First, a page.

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Burr Named as Goichman Professor

By Ted Boscia

Larry Goichman '66 is an oenophile through and through. His love of wine runs so deep that for many years he tried his hand as an amateur vintner. He'd research and buy grapes and set about fermenting and aging them. He even made handmade labels with the help of his kids. The end product, Goichman says, was often "drinkable, but sometimes not the greatest."

Now retired from his hobby, Goichman has decided to "leave the wine business to the experts" by endowing, with his wife, Jennifer, the Goichman Family Professorship of Enology and Viticulture at Cornell's New York State Agricultural Experiment Station (NYSAES) in Geneva. The expert, in this case, is Thomas J. Burr, CALS associate dean and NYSAES director, who was recently named as the first Goichman professor.

Thomas J. Burr
Joe Ogrodnick/NYSAES

Thomas J. Burr

Burr, a Cornell faculty member since 1977, has made seminal contributions to the understanding of the biology and the control of two devastating pathogens of grapevines. Furthermore, he has led NYSAES since 2005 and grown its support of the grape and wine industry, including helping in the creation of an undergraduate major in enology and viticulture in CALS and with adding a number of new faculty experts in vineyard management, grape production, and wine quality.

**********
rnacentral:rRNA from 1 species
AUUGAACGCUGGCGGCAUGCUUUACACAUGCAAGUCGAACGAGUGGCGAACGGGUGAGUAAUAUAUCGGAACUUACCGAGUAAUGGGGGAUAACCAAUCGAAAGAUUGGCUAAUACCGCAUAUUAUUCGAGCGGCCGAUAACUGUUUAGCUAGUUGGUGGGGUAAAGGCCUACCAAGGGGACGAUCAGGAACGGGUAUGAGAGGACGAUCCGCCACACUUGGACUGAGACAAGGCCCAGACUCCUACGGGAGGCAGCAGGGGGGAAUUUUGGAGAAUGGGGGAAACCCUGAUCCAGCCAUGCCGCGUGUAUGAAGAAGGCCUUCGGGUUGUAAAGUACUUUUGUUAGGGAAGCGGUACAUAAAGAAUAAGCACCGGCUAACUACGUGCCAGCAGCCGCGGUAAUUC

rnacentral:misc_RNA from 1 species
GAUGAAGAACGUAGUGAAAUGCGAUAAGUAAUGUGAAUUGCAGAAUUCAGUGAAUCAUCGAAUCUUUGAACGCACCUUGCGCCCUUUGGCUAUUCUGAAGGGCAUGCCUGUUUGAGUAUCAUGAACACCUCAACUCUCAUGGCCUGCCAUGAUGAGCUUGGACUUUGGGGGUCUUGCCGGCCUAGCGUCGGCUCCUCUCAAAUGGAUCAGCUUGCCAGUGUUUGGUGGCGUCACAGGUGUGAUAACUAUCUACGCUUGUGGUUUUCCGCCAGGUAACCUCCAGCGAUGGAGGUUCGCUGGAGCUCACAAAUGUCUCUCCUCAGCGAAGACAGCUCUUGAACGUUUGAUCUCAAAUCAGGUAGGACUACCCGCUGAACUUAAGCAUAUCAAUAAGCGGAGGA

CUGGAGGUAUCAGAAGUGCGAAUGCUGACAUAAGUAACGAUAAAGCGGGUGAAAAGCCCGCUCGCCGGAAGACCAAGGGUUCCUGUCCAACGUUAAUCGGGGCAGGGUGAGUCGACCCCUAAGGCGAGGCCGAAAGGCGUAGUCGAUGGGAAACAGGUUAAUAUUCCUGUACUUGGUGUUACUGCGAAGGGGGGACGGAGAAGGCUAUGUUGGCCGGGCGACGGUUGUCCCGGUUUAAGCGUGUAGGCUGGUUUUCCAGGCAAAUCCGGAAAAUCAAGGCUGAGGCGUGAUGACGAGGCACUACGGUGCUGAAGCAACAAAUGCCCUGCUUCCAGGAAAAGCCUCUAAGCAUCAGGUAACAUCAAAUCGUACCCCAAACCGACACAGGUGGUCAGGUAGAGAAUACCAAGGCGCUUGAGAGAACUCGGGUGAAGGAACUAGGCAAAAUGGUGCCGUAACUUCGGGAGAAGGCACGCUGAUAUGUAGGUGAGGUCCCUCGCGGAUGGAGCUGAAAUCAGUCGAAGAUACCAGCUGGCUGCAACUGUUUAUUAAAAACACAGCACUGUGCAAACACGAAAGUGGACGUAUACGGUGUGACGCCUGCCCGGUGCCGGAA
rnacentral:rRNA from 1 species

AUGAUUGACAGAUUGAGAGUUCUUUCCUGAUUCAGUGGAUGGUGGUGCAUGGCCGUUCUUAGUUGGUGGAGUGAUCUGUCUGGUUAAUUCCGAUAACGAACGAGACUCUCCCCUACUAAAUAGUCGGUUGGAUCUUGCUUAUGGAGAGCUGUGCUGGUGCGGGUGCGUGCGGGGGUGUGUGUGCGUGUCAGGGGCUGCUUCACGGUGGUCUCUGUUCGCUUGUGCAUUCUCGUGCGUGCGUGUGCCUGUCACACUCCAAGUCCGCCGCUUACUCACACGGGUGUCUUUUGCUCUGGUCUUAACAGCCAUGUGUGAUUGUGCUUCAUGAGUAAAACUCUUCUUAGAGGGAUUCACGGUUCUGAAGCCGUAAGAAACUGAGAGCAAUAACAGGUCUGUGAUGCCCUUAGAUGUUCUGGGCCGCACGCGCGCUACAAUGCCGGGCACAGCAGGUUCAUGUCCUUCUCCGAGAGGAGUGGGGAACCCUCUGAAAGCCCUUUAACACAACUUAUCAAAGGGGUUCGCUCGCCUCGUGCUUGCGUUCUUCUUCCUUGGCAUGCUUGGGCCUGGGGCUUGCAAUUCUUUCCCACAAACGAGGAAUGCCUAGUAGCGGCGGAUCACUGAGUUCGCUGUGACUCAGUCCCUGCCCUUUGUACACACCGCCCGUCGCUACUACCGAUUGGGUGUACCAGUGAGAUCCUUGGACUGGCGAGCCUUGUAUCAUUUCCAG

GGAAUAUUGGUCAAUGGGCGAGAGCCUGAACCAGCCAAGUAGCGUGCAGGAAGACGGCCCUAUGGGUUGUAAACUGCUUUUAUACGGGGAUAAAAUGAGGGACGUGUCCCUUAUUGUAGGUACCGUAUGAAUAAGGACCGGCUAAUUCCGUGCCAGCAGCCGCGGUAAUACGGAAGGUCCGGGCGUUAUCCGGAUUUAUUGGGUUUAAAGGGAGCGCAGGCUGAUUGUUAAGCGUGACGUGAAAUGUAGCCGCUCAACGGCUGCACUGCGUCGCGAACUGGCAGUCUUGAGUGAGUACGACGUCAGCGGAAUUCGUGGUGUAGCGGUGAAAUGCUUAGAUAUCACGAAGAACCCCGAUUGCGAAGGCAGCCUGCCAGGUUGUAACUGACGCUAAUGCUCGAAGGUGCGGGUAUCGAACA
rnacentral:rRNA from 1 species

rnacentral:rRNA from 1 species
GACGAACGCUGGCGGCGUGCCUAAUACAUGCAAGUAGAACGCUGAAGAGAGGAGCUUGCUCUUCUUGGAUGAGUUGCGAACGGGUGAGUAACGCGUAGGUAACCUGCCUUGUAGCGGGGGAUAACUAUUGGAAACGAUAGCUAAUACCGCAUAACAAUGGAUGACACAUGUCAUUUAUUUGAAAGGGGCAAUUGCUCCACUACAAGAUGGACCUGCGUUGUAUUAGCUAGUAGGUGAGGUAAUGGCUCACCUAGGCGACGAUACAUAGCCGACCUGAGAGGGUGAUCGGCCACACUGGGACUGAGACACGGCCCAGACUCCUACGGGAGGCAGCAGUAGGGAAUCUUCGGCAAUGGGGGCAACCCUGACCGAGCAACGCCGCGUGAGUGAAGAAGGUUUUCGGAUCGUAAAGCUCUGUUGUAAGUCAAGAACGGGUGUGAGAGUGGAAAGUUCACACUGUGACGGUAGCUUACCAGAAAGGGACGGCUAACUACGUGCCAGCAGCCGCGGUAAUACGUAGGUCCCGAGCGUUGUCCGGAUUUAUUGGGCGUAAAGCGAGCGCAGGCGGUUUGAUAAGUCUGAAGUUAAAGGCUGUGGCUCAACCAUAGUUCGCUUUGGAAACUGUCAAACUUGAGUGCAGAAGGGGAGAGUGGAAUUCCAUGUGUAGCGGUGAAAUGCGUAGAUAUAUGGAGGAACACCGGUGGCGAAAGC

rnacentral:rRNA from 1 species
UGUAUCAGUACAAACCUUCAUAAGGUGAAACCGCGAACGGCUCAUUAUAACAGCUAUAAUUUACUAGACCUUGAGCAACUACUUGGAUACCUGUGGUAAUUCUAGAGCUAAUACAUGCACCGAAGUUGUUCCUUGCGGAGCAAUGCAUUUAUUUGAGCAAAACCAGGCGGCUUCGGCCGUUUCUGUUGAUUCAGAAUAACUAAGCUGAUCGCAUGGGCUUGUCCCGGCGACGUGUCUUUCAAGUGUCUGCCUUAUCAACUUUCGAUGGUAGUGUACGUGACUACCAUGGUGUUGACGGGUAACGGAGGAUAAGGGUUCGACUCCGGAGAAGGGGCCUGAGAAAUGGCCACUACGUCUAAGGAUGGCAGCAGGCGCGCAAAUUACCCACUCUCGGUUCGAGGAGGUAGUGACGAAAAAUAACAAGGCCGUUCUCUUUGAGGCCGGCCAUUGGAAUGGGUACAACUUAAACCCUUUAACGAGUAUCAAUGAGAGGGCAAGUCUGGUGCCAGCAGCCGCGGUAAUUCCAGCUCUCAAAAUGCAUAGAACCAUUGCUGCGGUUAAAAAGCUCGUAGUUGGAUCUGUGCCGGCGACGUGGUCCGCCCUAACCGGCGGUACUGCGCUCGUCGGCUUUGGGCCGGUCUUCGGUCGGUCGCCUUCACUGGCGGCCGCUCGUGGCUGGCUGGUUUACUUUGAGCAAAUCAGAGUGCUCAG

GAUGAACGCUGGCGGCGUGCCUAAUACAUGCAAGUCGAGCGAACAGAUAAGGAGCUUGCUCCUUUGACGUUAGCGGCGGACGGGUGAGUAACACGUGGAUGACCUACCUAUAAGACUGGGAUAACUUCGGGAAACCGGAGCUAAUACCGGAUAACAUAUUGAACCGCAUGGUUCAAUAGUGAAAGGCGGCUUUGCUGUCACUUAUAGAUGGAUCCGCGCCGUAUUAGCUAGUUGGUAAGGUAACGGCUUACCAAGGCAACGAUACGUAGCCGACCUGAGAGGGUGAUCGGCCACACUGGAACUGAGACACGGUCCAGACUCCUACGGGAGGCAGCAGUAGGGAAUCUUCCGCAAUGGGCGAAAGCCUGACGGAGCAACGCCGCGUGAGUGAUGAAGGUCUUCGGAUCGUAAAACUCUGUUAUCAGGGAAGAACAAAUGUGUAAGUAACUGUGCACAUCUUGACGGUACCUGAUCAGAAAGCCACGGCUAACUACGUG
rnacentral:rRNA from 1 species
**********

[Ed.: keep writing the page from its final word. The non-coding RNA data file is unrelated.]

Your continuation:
"I could not think of a better person for this professorship than Tom," says Goichman, who went on to found a successful equipment- leasing business after graduating from the Department of Agricultural Economics (now the Department of Applied Economics and Management) and later served two terms on the CALS Advisory Council. "He is a committed scientist, a committed Cornellian, and a tireless advocate for the experiment station. The work he does with grapevines benefits not just growers in New York, but growers everywhere. The world of wine has been greatly improved by his research and leadership of the station."

Burr plans to use the Goichman endowment in part to continue his fundamental studies of Agrobacterium vitis, a bacterium that can infect grapevines with damaging crown gall. Grapes grown in New York and other cold-weather climates are particularly susceptible because crown gall often sets in after freezing temperatures weaken the vines.

The Goichmans' gift will boost the visibility of NYSAES and its enology and viticulture program, says Burr. "We are very fortunate to have alumni like the Goichman family," he adds. "They are greatly supportive of Cornell."